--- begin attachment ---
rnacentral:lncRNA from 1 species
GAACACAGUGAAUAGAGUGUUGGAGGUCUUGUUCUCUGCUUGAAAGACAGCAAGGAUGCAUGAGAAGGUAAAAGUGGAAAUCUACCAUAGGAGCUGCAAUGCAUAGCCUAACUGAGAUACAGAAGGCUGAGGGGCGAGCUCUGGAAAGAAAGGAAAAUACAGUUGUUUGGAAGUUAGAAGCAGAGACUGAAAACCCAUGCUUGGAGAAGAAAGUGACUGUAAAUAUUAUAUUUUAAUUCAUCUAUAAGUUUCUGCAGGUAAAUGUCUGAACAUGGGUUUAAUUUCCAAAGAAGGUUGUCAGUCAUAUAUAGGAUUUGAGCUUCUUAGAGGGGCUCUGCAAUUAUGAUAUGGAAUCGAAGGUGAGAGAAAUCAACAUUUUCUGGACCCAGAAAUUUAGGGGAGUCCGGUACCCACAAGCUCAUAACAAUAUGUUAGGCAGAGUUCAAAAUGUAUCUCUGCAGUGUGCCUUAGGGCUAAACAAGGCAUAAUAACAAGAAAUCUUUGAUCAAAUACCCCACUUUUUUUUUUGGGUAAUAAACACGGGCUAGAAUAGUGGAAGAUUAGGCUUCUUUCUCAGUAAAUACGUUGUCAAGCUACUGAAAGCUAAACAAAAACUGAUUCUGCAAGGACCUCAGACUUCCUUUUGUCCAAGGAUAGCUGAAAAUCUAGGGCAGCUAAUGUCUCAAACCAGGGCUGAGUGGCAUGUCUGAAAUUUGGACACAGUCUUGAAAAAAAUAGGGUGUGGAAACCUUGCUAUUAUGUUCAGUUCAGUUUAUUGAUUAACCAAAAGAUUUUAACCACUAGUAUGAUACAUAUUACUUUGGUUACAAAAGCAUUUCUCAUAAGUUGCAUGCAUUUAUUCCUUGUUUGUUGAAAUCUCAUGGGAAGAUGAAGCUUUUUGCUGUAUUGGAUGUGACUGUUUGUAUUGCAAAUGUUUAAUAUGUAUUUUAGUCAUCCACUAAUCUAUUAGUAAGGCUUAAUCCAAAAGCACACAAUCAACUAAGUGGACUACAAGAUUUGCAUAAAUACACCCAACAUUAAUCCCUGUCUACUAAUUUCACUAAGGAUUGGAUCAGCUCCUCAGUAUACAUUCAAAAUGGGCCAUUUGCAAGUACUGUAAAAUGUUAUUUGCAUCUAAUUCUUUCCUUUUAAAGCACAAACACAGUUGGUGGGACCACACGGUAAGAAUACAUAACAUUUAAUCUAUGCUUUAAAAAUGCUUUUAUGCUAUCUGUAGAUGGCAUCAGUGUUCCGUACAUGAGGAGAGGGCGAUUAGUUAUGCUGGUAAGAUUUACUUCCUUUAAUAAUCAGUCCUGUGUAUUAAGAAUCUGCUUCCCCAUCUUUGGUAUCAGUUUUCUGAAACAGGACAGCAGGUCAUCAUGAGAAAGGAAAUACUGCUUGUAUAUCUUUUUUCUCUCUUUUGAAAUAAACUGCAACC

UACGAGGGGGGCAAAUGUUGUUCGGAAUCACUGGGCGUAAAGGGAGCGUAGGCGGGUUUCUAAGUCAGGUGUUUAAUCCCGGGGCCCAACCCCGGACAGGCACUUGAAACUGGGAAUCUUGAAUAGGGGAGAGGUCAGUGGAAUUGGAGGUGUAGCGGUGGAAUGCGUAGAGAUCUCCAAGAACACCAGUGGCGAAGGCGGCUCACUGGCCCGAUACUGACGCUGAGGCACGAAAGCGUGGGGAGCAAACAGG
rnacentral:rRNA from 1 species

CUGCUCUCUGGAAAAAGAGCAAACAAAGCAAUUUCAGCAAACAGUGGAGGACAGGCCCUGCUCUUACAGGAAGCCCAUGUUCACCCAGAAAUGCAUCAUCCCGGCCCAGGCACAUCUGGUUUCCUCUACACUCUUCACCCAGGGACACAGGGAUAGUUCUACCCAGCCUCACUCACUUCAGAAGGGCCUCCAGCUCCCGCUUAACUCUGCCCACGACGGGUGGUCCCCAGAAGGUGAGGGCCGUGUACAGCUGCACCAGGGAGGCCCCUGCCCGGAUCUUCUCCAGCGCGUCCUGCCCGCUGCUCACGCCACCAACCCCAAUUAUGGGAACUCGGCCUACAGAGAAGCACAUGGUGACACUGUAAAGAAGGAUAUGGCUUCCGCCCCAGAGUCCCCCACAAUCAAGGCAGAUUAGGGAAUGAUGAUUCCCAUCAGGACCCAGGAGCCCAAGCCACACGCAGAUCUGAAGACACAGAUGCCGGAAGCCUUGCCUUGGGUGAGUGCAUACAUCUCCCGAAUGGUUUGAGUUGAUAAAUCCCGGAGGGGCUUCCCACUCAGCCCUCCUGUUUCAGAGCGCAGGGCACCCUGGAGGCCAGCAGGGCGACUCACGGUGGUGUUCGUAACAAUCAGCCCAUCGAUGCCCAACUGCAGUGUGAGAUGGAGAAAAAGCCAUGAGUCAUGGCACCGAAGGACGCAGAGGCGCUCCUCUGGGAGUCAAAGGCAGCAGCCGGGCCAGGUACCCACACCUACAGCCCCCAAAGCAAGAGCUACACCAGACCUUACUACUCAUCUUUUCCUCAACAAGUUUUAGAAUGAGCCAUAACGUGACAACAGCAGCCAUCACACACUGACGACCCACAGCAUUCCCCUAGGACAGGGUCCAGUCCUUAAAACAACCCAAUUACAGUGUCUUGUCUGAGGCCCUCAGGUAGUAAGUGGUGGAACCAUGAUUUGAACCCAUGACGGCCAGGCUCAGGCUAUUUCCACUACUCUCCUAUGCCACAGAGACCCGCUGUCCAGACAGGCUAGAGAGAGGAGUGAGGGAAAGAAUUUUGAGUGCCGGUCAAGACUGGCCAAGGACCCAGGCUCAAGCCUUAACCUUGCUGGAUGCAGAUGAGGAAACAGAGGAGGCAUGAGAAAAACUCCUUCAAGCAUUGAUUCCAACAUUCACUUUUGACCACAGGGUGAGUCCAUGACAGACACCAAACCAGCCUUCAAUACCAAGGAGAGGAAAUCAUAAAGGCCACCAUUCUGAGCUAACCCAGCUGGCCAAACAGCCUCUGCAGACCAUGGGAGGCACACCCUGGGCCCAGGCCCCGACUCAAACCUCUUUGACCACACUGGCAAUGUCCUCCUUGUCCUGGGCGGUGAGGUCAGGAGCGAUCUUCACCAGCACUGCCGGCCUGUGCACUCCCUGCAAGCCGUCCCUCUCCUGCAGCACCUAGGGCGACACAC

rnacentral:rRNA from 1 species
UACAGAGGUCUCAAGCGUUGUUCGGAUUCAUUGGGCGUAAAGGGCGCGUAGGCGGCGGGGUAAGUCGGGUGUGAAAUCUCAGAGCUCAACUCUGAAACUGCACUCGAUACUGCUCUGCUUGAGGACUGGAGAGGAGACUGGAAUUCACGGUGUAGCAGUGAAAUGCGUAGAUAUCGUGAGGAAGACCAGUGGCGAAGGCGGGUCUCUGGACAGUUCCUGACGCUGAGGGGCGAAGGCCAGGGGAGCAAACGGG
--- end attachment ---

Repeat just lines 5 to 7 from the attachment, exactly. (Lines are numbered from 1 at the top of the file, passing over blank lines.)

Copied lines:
CUGCUCUCUGGAAAAAGAGCAAACAAAGCAAUUUCAGCAAACAGUGGAGGACAGGCCCUGCUCUUACAGGAAGCCCAUGUUCACCCAGAAAUGCAUCAUCCCGGCCCAGGCACAUCUGGUUUCCUCUACACUCUUCACCCAGGGACACAGGGAUAGUUCUACCCAGCCUCACUCACUUCAGAAGGGCCUCCAGCUCCCGCUUAACUCUGCCCACGACGGGUGGUCCCCAGAAGGUGAGGGCCGUGUACAGCUGCACCAGGGAGGCCCCUGCCCGGAUCUUCUCCAGCGCGUCCUGCCCGCUGCUCACGCCACCAACCCCAAUUAUGGGAACUCGGCCUACAGAGAAGCACAUGGUGACACUGUAAAGAAGGAUAUGGCUUCCGCCCCAGAGUCCCCCACAAUCAAGGCAGAUUAGGGAAUGAUGAUUCCCAUCAGGACCCAGGAGCCCAAGCCACACGCAGAUCUGAAGACACAGAUGCCGGAAGCCUUGCCUUGGGUGAGUGCAUACAUCUCCCGAAUGGUUUGAGUUGAUAAAUCCCGGAGGGGCUUCCCACUCAGCCCUCCUGUUUCAGAGCGCAGGGCACCCUGGAGGCCAGCAGGGCGACUCACGGUGGUGUUCGUAACAAUCAGCCCAUCGAUGCCCAACUGCAGUGUGAGAUGGAGAAAAAGCCAUGAGUCAUGGCACCGAAGGACGCAGAGGCGCUCCUCUGGGAGUCAAAGGCAGCAGCCGGGCCAGGUACCCACACCUACAGCCCCCAAAGCAAGAGCUACACCAGACCUUACUACUCAUCUUUUCCUCAACAAGUUUUAGAAUGAGCCAUAACGUGACAACAGCAGCCAUCACACACUGACGACCCACAGCAUUCCCCUAGGACAGGGUCCAGUCCUUAAAACAACCCAAUUACAGUGUCUUGUCUGAGGCCCUCAGGUAGUAAGUGGUGGAACCAUGAUUUGAACCCAUGACGGCCAGGCUCAGGCUAUUUCCACUACUCUCCUAUGCCACAGAGACCCGCUGUCCAGACAGGCUAGAGAGAGGAGUGAGGGAAAGAAUUUUGAGUGCCGGUCAAGACUGGCCAAGGACCCAGGCUCAAGCCUUAACCUUGCUGGAUGCAGAUGAGGAAACAGAGGAGGCAUGAGAAAAACUCCUUCAAGCAUUGAUUCCAACAUUCACUUUUGACCACAGGGUGAGUCCAUGACAGACACCAAACCAGCCUUCAAUACCAAGGAGAGGAAAUCAUAAAGGCCACCAUUCUGAGCUAACCCAGCUGGCCAAACAGCCUCUGCAGACCAUGGGAGGCACACCCUGGGCCCAGGCCCCGACUCAAACCUCUUUGACCACACUGGCAAUGUCCUCCUUGUCCUGGGCGGUGAGGUCAGGAGCGAUCUUCACCAGCACUGCCGGCCUGUGCACUCCCUGCAAGCCGUCCCUCUCCUGCAGCACCUAGGGCGACACAC

rnacentral:rRNA from 1 species
UACAGAGGUCUCAAGCGUUGUUCGGAUUCAUUGGGCGUAAAGGGCGCGUAGGCGGCGGGGUAAGUCGGGUGUGAAAUCUCAGAGCUCAACUCUGAAACUGCACUCGAUACUGCUCUGCUUGAGGACUGGAGAGGAGACUGGAAUUCACGGUGUAGCAGUGAAAUGCGUAGAUAUCGUGAGGAAGACCAGUGGCGAAGGCGGGUCUCUGGACAGUUCCUGACGCUGAGGGGCGAAGGCCAGGGGAGCAAACGGG